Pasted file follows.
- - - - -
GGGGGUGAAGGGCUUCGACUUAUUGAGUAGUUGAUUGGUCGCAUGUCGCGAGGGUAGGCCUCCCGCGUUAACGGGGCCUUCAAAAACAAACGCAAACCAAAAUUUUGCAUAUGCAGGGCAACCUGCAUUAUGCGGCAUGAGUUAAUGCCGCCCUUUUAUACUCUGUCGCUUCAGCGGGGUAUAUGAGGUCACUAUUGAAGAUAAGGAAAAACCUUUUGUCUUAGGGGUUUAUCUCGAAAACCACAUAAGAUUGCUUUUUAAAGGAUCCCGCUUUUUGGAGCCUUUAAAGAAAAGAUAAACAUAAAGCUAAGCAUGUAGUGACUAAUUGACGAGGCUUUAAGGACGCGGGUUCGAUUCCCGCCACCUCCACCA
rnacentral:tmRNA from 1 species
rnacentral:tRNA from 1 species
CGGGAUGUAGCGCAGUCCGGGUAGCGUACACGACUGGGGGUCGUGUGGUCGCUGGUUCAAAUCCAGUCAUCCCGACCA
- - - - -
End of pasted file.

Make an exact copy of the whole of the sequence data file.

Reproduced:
GGGGGUGAAGGGCUUCGACUUAUUGAGUAGUUGAUUGGUCGCAUGUCGCGAGGGUAGGCCUCCCGCGUUAACGGGGCCUUCAAAAACAAACGCAAACCAAAAUUUUGCAUAUGCAGGGCAACCUGCAUUAUGCGGCAUGAGUUAAUGCCGCCCUUUUAUACUCUGUCGCUUCAGCGGGGUAUAUGAGGUCACUAUUGAAGAUAAGGAAAAACCUUUUGUCUUAGGGGUUUAUCUCGAAAACCACAUAAGAUUGCUUUUUAAAGGAUCCCGCUUUUUGGAGCCUUUAAAGAAAAGAUAAACAUAAAGCUAAGCAUGUAGUGACUAAUUGACGAGGCUUUAAGGACGCGGGUUCGAUUCCCGCCACCUCCACCA
rnacentral:tmRNA from 1 species
rnacentral:tRNA from 1 species
CGGGAUGUAGCGCAGUCCGGGUAGCGUACACGACUGGGGGUCGUGUGGUCGCUGGUUCAAAUCCAGUCAUCCCGACCA